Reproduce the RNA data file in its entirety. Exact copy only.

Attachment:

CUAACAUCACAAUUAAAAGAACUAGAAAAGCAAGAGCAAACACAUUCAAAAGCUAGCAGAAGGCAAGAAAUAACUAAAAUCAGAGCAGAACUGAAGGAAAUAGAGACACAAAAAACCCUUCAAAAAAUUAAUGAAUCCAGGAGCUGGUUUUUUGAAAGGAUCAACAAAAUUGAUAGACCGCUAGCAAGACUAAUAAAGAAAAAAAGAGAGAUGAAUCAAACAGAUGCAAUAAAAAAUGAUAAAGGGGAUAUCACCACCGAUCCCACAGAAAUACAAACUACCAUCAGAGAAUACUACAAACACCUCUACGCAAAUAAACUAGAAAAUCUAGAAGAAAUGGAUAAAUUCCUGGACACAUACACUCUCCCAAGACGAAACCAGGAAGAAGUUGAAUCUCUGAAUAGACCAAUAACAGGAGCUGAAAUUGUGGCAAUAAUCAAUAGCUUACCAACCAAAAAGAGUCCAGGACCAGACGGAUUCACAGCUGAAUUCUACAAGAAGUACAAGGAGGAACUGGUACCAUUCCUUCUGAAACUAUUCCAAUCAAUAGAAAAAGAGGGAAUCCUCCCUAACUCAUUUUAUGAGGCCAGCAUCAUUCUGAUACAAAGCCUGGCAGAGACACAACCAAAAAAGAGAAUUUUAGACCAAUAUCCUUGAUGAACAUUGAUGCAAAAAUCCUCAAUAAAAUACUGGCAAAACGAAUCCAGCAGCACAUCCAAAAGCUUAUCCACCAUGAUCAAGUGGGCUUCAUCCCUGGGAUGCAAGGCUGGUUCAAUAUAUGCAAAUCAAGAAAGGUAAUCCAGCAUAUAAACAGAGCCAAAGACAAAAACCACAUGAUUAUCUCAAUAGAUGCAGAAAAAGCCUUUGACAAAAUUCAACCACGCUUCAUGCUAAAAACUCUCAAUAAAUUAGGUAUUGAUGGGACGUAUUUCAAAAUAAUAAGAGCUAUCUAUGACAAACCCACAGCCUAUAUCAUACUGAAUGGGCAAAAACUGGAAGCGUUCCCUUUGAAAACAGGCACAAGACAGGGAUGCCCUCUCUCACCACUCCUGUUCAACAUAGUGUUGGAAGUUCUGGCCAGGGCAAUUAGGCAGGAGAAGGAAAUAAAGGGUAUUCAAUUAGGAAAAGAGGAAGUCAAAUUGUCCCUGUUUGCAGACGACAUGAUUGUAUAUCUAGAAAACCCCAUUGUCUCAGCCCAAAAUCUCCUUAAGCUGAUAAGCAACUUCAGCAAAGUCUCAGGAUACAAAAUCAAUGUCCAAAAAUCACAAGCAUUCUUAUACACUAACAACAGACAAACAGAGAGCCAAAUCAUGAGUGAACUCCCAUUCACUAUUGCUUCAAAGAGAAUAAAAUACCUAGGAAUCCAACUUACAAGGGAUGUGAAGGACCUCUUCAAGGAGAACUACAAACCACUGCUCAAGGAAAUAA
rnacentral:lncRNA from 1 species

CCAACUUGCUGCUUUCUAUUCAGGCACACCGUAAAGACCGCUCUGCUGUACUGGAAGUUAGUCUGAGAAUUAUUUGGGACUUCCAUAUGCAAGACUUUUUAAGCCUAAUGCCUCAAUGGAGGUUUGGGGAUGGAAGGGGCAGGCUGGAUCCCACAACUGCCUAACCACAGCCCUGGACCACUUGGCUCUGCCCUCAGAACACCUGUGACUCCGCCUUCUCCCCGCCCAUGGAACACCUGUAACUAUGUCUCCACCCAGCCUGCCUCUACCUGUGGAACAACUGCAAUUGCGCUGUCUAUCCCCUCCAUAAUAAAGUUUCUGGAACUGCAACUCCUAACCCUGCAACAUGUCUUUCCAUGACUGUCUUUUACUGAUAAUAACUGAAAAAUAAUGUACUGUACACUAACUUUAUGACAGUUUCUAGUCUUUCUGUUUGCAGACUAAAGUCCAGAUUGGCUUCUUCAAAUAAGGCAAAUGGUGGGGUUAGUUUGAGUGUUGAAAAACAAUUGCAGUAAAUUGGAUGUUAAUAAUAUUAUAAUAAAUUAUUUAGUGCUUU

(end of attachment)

CUAACAUCACAAUUAAAAGAACUAGAAAAGCAAGAGCAAACACAUUCAAAAGCUAGCAGAAGGCAAGAAAUAACUAAAAUCAGAGCAGAACUGAAGGAAAUAGAGACACAAAAAACCCUUCAAAAAAUUAAUGAAUCCAGGAGCUGGUUUUUUGAAAGGAUCAACAAAAUUGAUAGACCGCUAGCAAGACUAAUAAAGAAAAAAAGAGAGAUGAAUCAAACAGAUGCAAUAAAAAAUGAUAAAGGGGAUAUCACCACCGAUCCCACAGAAAUACAAACUACCAUCAGAGAAUACUACAAACACCUCUACGCAAAUAAACUAGAAAAUCUAGAAGAAAUGGAUAAAUUCCUGGACACAUACACUCUCCCAAGACGAAACCAGGAAGAAGUUGAAUCUCUGAAUAGACCAAUAACAGGAGCUGAAAUUGUGGCAAUAAUCAAUAGCUUACCAACCAAAAAGAGUCCAGGACCAGACGGAUUCACAGCUGAAUUCUACAAGAAGUACAAGGAGGAACUGGUACCAUUCCUUCUGAAACUAUUCCAAUCAAUAGAAAAAGAGGGAAUCCUCCCUAACUCAUUUUAUGAGGCCAGCAUCAUUCUGAUACAAAGCCUGGCAGAGACACAACCAAAAAAGAGAAUUUUAGACCAAUAUCCUUGAUGAACAUUGAUGCAAAAAUCCUCAAUAAAAUACUGGCAAAACGAAUCCAGCAGCACAUCCAAAAGCUUAUCCACCAUGAUCAAGUGGGCUUCAUCCCUGGGAUGCAAGGCUGGUUCAAUAUAUGCAAAUCAAGAAAGGUAAUCCAGCAUAUAAACAGAGCCAAAGACAAAAACCACAUGAUUAUCUCAAUAGAUGCAGAAAAAGCCUUUGACAAAAUUCAACCACGCUUCAUGCUAAAAACUCUCAAUAAAUUAGGUAUUGAUGGGACGUAUUUCAAAAUAAUAAGAGCUAUCUAUGACAAACCCACAGCCUAUAUCAUACUGAAUGGGCAAAAACUGGAAGCGUUCCCUUUGAAAACAGGCACAAGACAGGGAUGCCCUCUCUCACCACUCCUGUUCAACAUAGUGUUGGAAGUUCUGGCCAGGGCAAUUAGGCAGGAGAAGGAAAUAAAGGGUAUUCAAUUAGGAAAAGAGGAAGUCAAAUUGUCCCUGUUUGCAGACGACAUGAUUGUAUAUCUAGAAAACCCCAUUGUCUCAGCCCAAAAUCUCCUUAAGCUGAUAAGCAACUUCAGCAAAGUCUCAGGAUACAAAAUCAAUGUCCAAAAAUCACAAGCAUUCUUAUACACUAACAACAGACAAACAGAGAGCCAAAUCAUGAGUGAACUCCCAUUCACUAUUGCUUCAAAGAGAAUAAAAUACCUAGGAAUCCAACUUACAAGGGAUGUGAAGGACCUCUUCAAGGAGAACUACAAACCACUGCUCAAGGAAAUAA
rnacentral:lncRNA from 1 species

CCAACUUGCUGCUUUCUAUUCAGGCACACCGUAAAGACCGCUCUGCUGUACUGGAAGUUAGUCUGAGAAUUAUUUGGGACUUCCAUAUGCAAGACUUUUUAAGCCUAAUGCCUCAAUGGAGGUUUGGGGAUGGAAGGGGCAGGCUGGAUCCCACAACUGCCUAACCACAGCCCUGGACCACUUGGCUCUGCCCUCAGAACACCUGUGACUCCGCCUUCUCCCCGCCCAUGGAACACCUGUAACUAUGUCUCCACCCAGCCUGCCUCUACCUGUGGAACAACUGCAAUUGCGCUGUCUAUCCCCUCCAUAAUAAAGUUUCUGGAACUGCAACUCCUAACCCUGCAACAUGUCUUUCCAUGACUGUCUUUUACUGAUAAUAACUGAAAAAUAAUGUACUGUACACUAACUUUAUGACAGUUUCUAGUCUUUCUGUUUGCAGACUAAAGUCCAGAUUGGCUUCUUCAAAUAAGGCAAAUGGUGGGGUUAGUUUGAGUGUUGAAAAACAAUUGCAGUAAAUUGGAUGUUAAUAAUAUUAUAAUAAAUUAUUUAGUGCUUU